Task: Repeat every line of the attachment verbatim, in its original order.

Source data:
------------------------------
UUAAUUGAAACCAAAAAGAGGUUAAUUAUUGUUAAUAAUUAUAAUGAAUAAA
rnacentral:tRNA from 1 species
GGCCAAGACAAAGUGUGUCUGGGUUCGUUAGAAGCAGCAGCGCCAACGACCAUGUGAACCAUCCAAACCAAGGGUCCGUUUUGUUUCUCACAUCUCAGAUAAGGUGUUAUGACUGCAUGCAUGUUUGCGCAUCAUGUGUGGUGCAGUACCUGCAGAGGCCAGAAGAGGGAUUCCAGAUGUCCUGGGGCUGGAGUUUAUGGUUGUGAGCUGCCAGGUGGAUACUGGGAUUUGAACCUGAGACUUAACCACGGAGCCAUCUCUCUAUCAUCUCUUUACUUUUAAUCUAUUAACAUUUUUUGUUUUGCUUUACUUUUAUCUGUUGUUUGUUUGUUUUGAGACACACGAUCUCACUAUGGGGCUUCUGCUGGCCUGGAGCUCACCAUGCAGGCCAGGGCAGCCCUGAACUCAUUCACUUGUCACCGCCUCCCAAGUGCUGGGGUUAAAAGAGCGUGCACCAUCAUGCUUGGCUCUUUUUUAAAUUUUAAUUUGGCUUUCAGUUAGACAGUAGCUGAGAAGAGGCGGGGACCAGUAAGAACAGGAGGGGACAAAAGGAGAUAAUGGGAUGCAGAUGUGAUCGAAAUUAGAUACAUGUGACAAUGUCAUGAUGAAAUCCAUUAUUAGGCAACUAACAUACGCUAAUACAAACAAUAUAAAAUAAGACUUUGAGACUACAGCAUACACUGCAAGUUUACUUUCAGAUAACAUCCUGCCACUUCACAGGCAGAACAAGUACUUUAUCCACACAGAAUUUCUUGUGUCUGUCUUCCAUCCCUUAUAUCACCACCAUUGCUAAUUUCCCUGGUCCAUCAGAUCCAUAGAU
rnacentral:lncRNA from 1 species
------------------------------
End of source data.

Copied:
UUAAUUGAAACCAAAAAGAGGUUAAUUAUUGUUAAUAAUUAUAAUGAAUAAA
rnacentral:tRNA from 1 species
GGCCAAGACAAAGUGUGUCUGGGUUCGUUAGAAGCAGCAGCGCCAACGACCAUGUGAACCAUCCAAACCAAGGGUCCGUUUUGUUUCUCACAUCUCAGAUAAGGUGUUAUGACUGCAUGCAUGUUUGCGCAUCAUGUGUGGUGCAGUACCUGCAGAGGCCAGAAGAGGGAUUCCAGAUGUCCUGGGGCUGGAGUUUAUGGUUGUGAGCUGCCAGGUGGAUACUGGGAUUUGAACCUGAGACUUAACCACGGAGCCAUCUCUCUAUCAUCUCUUUACUUUUAAUCUAUUAACAUUUUUUGUUUUGCUUUACUUUUAUCUGUUGUUUGUUUGUUUUGAGACACACGAUCUCACUAUGGGGCUUCUGCUGGCCUGGAGCUCACCAUGCAGGCCAGGGCAGCCCUGAACUCAUUCACUUGUCACCGCCUCCCAAGUGCUGGGGUUAAAAGAGCGUGCACCAUCAUGCUUGGCUCUUUUUUAAAUUUUAAUUUGGCUUUCAGUUAGACAGUAGCUGAGAAGAGGCGGGGACCAGUAAGAACAGGAGGGGACAAAAGGAGAUAAUGGGAUGCAGAUGUGAUCGAAAUUAGAUACAUGUGACAAUGUCAUGAUGAAAUCCAUUAUUAGGCAACUAACAUACGCUAAUACAAACAAUAUAAAAUAAGACUUUGAGACUACAGCAUACACUGCAAGUUUACUUUCAGAUAACAUCCUGCCACUUCACAGGCAGAACAAGUACUUUAUCCACACAGAAUUUCUUGUGUCUGUCUUCCAUCCCUUAUAUCACCACCAUUGCUAAUUUCCCUGGUCCAUCAGAUCCAUAGAU
rnacentral:lncRNA from 1 species